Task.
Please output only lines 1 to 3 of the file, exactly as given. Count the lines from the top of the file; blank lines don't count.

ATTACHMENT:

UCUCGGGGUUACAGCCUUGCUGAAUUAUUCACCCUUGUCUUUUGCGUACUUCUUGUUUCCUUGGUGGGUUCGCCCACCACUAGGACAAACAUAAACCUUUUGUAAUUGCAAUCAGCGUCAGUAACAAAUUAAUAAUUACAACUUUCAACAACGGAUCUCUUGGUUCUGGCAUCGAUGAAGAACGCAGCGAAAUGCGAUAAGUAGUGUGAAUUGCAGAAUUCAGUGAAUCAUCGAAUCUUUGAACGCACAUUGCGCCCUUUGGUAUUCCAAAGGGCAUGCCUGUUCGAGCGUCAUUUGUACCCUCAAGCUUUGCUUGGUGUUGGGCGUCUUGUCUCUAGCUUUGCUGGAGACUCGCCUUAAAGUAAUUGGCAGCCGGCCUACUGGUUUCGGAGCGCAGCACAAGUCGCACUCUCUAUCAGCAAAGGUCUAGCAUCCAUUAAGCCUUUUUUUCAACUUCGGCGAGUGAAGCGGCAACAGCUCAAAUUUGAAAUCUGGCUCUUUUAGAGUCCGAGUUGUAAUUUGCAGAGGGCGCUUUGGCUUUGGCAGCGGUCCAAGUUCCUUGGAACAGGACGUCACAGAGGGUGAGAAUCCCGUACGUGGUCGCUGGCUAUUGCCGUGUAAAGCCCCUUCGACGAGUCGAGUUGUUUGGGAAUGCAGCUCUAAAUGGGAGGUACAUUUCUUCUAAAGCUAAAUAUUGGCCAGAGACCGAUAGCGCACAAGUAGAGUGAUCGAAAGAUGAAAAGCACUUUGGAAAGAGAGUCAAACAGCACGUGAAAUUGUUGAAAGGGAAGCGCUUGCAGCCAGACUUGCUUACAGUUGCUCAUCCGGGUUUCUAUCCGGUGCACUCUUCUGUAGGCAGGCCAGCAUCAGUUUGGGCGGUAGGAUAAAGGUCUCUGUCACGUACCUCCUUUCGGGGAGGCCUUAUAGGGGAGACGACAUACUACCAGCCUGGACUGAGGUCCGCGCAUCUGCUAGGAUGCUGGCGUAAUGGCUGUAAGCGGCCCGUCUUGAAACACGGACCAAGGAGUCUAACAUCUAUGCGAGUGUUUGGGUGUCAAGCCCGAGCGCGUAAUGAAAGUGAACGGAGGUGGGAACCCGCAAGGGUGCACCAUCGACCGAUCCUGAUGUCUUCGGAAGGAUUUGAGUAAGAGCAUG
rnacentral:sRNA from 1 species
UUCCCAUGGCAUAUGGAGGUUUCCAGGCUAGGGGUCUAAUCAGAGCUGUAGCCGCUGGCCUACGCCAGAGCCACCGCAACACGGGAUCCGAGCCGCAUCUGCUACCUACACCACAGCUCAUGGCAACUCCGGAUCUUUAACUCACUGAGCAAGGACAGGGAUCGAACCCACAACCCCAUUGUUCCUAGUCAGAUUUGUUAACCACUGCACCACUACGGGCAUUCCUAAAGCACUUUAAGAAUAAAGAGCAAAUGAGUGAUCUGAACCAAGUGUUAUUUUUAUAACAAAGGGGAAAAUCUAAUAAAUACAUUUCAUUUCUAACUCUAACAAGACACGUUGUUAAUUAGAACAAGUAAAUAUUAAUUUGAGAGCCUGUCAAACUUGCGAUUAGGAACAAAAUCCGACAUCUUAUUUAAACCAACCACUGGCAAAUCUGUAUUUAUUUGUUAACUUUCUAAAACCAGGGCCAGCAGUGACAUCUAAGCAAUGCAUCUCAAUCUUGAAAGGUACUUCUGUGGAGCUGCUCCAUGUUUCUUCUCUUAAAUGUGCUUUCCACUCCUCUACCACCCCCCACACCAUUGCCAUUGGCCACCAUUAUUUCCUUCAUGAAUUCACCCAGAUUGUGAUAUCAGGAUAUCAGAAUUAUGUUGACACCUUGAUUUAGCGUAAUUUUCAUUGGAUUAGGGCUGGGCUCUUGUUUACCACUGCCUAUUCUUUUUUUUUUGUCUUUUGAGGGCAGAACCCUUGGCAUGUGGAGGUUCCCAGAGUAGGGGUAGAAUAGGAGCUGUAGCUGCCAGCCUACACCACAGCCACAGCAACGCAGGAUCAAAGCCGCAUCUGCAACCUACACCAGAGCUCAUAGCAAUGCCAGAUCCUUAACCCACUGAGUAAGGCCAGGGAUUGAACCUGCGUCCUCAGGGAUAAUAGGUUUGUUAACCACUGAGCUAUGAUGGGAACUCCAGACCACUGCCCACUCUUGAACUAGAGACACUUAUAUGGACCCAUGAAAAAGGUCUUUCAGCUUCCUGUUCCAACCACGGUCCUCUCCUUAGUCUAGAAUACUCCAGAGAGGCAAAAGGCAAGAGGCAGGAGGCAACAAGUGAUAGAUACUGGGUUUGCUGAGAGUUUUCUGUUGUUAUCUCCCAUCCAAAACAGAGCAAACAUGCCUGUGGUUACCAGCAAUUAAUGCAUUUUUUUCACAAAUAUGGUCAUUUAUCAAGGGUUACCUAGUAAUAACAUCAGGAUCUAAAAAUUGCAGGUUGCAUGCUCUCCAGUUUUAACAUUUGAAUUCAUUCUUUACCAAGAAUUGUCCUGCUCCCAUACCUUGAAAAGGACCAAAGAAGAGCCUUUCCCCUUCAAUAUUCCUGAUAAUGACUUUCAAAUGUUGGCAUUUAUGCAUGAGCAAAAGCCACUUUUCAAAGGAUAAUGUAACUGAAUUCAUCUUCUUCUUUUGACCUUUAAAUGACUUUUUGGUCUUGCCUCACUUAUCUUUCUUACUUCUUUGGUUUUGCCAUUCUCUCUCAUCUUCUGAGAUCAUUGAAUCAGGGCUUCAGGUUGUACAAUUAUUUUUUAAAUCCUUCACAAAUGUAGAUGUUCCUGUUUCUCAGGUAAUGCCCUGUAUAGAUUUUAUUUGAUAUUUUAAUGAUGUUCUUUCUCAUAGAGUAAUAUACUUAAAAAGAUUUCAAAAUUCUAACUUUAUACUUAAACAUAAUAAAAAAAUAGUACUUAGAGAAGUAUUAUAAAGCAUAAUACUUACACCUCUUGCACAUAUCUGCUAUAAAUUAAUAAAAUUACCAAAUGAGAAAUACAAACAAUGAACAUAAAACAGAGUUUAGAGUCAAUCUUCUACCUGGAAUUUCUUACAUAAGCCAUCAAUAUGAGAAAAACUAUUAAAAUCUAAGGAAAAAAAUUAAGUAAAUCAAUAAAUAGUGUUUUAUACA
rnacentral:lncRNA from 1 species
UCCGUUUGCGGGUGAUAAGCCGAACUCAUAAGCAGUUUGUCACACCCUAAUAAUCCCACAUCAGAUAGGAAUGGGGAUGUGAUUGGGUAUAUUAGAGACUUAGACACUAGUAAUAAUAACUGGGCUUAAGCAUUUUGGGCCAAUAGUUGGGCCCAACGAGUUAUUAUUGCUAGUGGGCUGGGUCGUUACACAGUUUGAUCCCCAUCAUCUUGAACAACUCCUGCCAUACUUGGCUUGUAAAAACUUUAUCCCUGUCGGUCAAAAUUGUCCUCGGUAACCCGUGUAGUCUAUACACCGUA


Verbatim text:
UCUCGGGGUUACAGCCUUGCUGAAUUAUUCACCCUUGUCUUUUGCGUACUUCUUGUUUCCUUGGUGGGUUCGCCCACCACUAGGACAAACAUAAACCUUUUGUAAUUGCAAUCAGCGUCAGUAACAAAUUAAUAAUUACAACUUUCAACAACGGAUCUCUUGGUUCUGGCAUCGAUGAAGAACGCAGCGAAAUGCGAUAAGUAGUGUGAAUUGCAGAAUUCAGUGAAUCAUCGAAUCUUUGAACGCACAUUGCGCCCUUUGGUAUUCCAAAGGGCAUGCCUGUUCGAGCGUCAUUUGUACCCUCAAGCUUUGCUUGGUGUUGGGCGUCUUGUCUCUAGCUUUGCUGGAGACUCGCCUUAAAGUAAUUGGCAGCCGGCCUACUGGUUUCGGAGCGCAGCACAAGUCGCACUCUCUAUCAGCAAAGGUCUAGCAUCCAUUAAGCCUUUUUUUCAACUUCGGCGAGUGAAGCGGCAACAGCUCAAAUUUGAAAUCUGGCUCUUUUAGAGUCCGAGUUGUAAUUUGCAGAGGGCGCUUUGGCUUUGGCAGCGGUCCAAGUUCCUUGGAACAGGACGUCACAGAGGGUGAGAAUCCCGUACGUGGUCGCUGGCUAUUGCCGUGUAAAGCCCCUUCGACGAGUCGAGUUGUUUGGGAAUGCAGCUCUAAAUGGGAGGUACAUUUCUUCUAAAGCUAAAUAUUGGCCAGAGACCGAUAGCGCACAAGUAGAGUGAUCGAAAGAUGAAAAGCACUUUGGAAAGAGAGUCAAACAGCACGUGAAAUUGUUGAAAGGGAAGCGCUUGCAGCCAGACUUGCUUACAGUUGCUCAUCCGGGUUUCUAUCCGGUGCACUCUUCUGUAGGCAGGCCAGCAUCAGUUUGGGCGGUAGGAUAAAGGUCUCUGUCACGUACCUCCUUUCGGGGAGGCCUUAUAGGGGAGACGACAUACUACCAGCCUGGACUGAGGUCCGCGCAUCUGCUAGGAUGCUGGCGUAAUGGCUGUAAGCGGCCCGUCUUGAAACACGGACCAAGGAGUCUAACAUCUAUGCGAGUGUUUGGGUGUCAAGCCCGAGCGCGUAAUGAAAGUGAACGGAGGUGGGAACCCGCAAGGGUGCACCAUCGACCGAUCCUGAUGUCUUCGGAAGGAUUUGAGUAAGAGCAUG
rnacentral:sRNA from 1 species
UUCCCAUGGCAUAUGGAGGUUUCCAGGCUAGGGGUCUAAUCAGAGCUGUAGCCGCUGGCCUACGCCAGAGCCACCGCAACACGGGAUCCGAGCCGCAUCUGCUACCUACACCACAGCUCAUGGCAACUCCGGAUCUUUAACUCACUGAGCAAGGACAGGGAUCGAACCCACAACCCCAUUGUUCCUAGUCAGAUUUGUUAACCACUGCACCACUACGGGCAUUCCUAAAGCACUUUAAGAAUAAAGAGCAAAUGAGUGAUCUGAACCAAGUGUUAUUUUUAUAACAAAGGGGAAAAUCUAAUAAAUACAUUUCAUUUCUAACUCUAACAAGACACGUUGUUAAUUAGAACAAGUAAAUAUUAAUUUGAGAGCCUGUCAAACUUGCGAUUAGGAACAAAAUCCGACAUCUUAUUUAAACCAACCACUGGCAAAUCUGUAUUUAUUUGUUAACUUUCUAAAACCAGGGCCAGCAGUGACAUCUAAGCAAUGCAUCUCAAUCUUGAAAGGUACUUCUGUGGAGCUGCUCCAUGUUUCUUCUCUUAAAUGUGCUUUCCACUCCUCUACCACCCCCCACACCAUUGCCAUUGGCCACCAUUAUUUCCUUCAUGAAUUCACCCAGAUUGUGAUAUCAGGAUAUCAGAAUUAUGUUGACACCUUGAUUUAGCGUAAUUUUCAUUGGAUUAGGGCUGGGCUCUUGUUUACCACUGCCUAUUCUUUUUUUUUUGUCUUUUGAGGGCAGAACCCUUGGCAUGUGGAGGUUCCCAGAGUAGGGGUAGAAUAGGAGCUGUAGCUGCCAGCCUACACCACAGCCACAGCAACGCAGGAUCAAAGCCGCAUCUGCAACCUACACCAGAGCUCAUAGCAAUGCCAGAUCCUUAACCCACUGAGUAAGGCCAGGGAUUGAACCUGCGUCCUCAGGGAUAAUAGGUUUGUUAACCACUGAGCUAUGAUGGGAACUCCAGACCACUGCCCACUCUUGAACUAGAGACACUUAUAUGGACCCAUGAAAAAGGUCUUUCAGCUUCCUGUUCCAACCACGGUCCUCUCCUUAGUCUAGAAUACUCCAGAGAGGCAAAAGGCAAGAGGCAGGAGGCAACAAGUGAUAGAUACUGGGUUUGCUGAGAGUUUUCUGUUGUUAUCUCCCAUCCAAAACAGAGCAAACAUGCCUGUGGUUACCAGCAAUUAAUGCAUUUUUUUCACAAAUAUGGUCAUUUAUCAAGGGUUACCUAGUAAUAACAUCAGGAUCUAAAAAUUGCAGGUUGCAUGCUCUCCAGUUUUAACAUUUGAAUUCAUUCUUUACCAAGAAUUGUCCUGCUCCCAUACCUUGAAAAGGACCAAAGAAGAGCCUUUCCCCUUCAAUAUUCCUGAUAAUGACUUUCAAAUGUUGGCAUUUAUGCAUGAGCAAAAGCCACUUUUCAAAGGAUAAUGUAACUGAAUUCAUCUUCUUCUUUUGACCUUUAAAUGACUUUUUGGUCUUGCCUCACUUAUCUUUCUUACUUCUUUGGUUUUGCCAUUCUCUCUCAUCUUCUGAGAUCAUUGAAUCAGGGCUUCAGGUUGUACAAUUAUUUUUUAAAUCCUUCACAAAUGUAGAUGUUCCUGUUUCUCAGGUAAUGCCCUGUAUAGAUUUUAUUUGAUAUUUUAAUGAUGUUCUUUCUCAUAGAGUAAUAUACUUAAAAAGAUUUCAAAAUUCUAACUUUAUACUUAAACAUAAUAAAAAAAUAGUACUUAGAGAAGUAUUAUAAAGCAUAAUACUUACACCUCUUGCACAUAUCUGCUAUAAAUUAAUAAAAUUACCAAAUGAGAAAUACAAACAAUGAACAUAAAACAGAGUUUAGAGUCAAUCUUCUACCUGGAAUUUCUUACAUAAGCCAUCAAUAUGAGAAAAACUAUUAAAAUCUAAGGAAAAAAAUUAAGUAAAUCAAUAAAUAGUGUUUUAUACA